The gaming industry has had a resurgence in the last two years as Macau's gaming market has recovered and Las Vegas continues its slow and steady growth rate. That's been a broad benefit to Las Vegas Sands Corp. (NYSE:LVS), the biggest gaming company in the world. 

But the gaming industry is also getting more competitive as companies like Wynn Resorts (NASDAQ:WYNN) and MGM Resorts (NYSE:MGM) expand in the U.S. and abroad. And that competition may make Las Vegas Sands less attractive to investors long-term. 

The Las Vegas sign with the Strip in the background.

Image source: Getty Images.

Where Las Vegas Sands stands today

There are three main regions where Las Vegas Sands generates revenue and earnings: Macau, Singapore, and the U.S. In the past year, it generated $2.4 billion of EBITDA -- a measure of cash flow from a resort -- from its Macau properties, by far its most important market. Marina Bay Sands in Singapore generated $1.6 billion in EBITDA and Las Vegas and the Bethlehem resort in the U.S. generated $536 million. You can see that Asia is by far the company's most important market. 

In total, Las Vegas Sands generated $4.6 billion in EBITDA in the past year, which is what we should measure versus the company's outstanding debt and market cap, or total enterprise value. With net debt of $7.8 billion and a market cap of $49.6 billion, the EV/EBITDA multiple of 12.5 is what investors are paying for the company right now. For perspective, that's higher than MGM Resorts but less than Wynn Resorts, two big competitors in the gaming industry.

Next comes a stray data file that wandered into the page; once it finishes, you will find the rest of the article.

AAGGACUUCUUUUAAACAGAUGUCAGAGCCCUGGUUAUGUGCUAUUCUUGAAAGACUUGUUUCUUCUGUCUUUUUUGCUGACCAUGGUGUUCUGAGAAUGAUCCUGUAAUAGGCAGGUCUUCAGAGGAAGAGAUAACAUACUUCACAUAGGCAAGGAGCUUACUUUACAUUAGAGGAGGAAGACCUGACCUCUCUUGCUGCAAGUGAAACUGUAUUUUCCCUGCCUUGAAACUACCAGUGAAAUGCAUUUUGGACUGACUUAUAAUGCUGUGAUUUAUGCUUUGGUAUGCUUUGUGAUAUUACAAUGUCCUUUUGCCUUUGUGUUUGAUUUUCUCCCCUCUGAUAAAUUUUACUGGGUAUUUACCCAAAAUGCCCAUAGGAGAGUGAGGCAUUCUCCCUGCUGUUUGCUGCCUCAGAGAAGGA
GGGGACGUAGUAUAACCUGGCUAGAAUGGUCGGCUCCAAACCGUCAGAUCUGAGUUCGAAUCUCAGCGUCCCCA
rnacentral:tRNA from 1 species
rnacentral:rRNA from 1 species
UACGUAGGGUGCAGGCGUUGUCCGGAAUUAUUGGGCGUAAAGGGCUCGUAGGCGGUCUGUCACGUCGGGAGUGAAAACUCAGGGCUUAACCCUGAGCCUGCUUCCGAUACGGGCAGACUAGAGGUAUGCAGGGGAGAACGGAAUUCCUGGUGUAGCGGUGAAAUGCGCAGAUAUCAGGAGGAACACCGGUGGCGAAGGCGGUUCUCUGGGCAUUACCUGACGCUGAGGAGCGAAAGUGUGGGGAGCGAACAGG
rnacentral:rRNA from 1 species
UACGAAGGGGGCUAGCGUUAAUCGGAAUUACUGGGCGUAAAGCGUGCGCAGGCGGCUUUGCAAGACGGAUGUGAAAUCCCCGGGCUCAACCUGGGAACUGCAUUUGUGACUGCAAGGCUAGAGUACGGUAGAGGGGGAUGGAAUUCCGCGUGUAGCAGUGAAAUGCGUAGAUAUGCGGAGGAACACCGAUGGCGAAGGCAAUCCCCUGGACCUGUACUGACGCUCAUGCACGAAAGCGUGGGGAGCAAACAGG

Growth opportunities are limited

What Las Vegas Sands lacks right now is growth opportunities. The company spent most of the last decade building out Macau and Singapore but doesn't have any major resorts in the pipeline. Japan is a place where CEO Sheldon Adelson has said he would spend $10 billion to build a resort, but that's a country that will have a very competitive bidding process when gaming opens up. 

Outside of any organic growth in Macau, Singapore, or the U.S., Las Vegas Sands isn't going to be much of a growth stock. In Macau, with the recently completed Wynn Palace, MGM Resorts is finishing up MGM Cotai, and SJM is building another resort in the Cotai region, which means there's reason to believe Las Vegas Sands may actually lose market share to competitors. That would be bad for the company's overall cash flow generation. 

Is there enough value in Las Vegas Sands? 

I think Las Vegas Sands is one of the great cash flow companies in gaming, but in 2017 it certainly isn't a growth stock. Its enviable position with resorts in Singapore and Macau are protected from too much competition because the regions have a limited number of casinos licensed. They may not grow for Las Vegas Sands, but they'll continue to churn out cash. 

With that cash flow, Las Vegas Sands has become a solid dividend stock with a 4.7% payout right now. That's the biggest reason to own the stock given limited growth opportunities and the dividend is just enough for me to think it's a buy, which is why I have a thumbs up rating on My CAPS page. I just wouldn't expect this to be a great performer unless it wins the bid to build a resort in Japan, which is no guarantee with every gaming company in the world eyeing the coveted Japanese market. 

Travis Hoium owns shares of Wynn Resorts. The Motley Fool has no position in any of the stocks mentioned. The Motley Fool has a disclosure policy.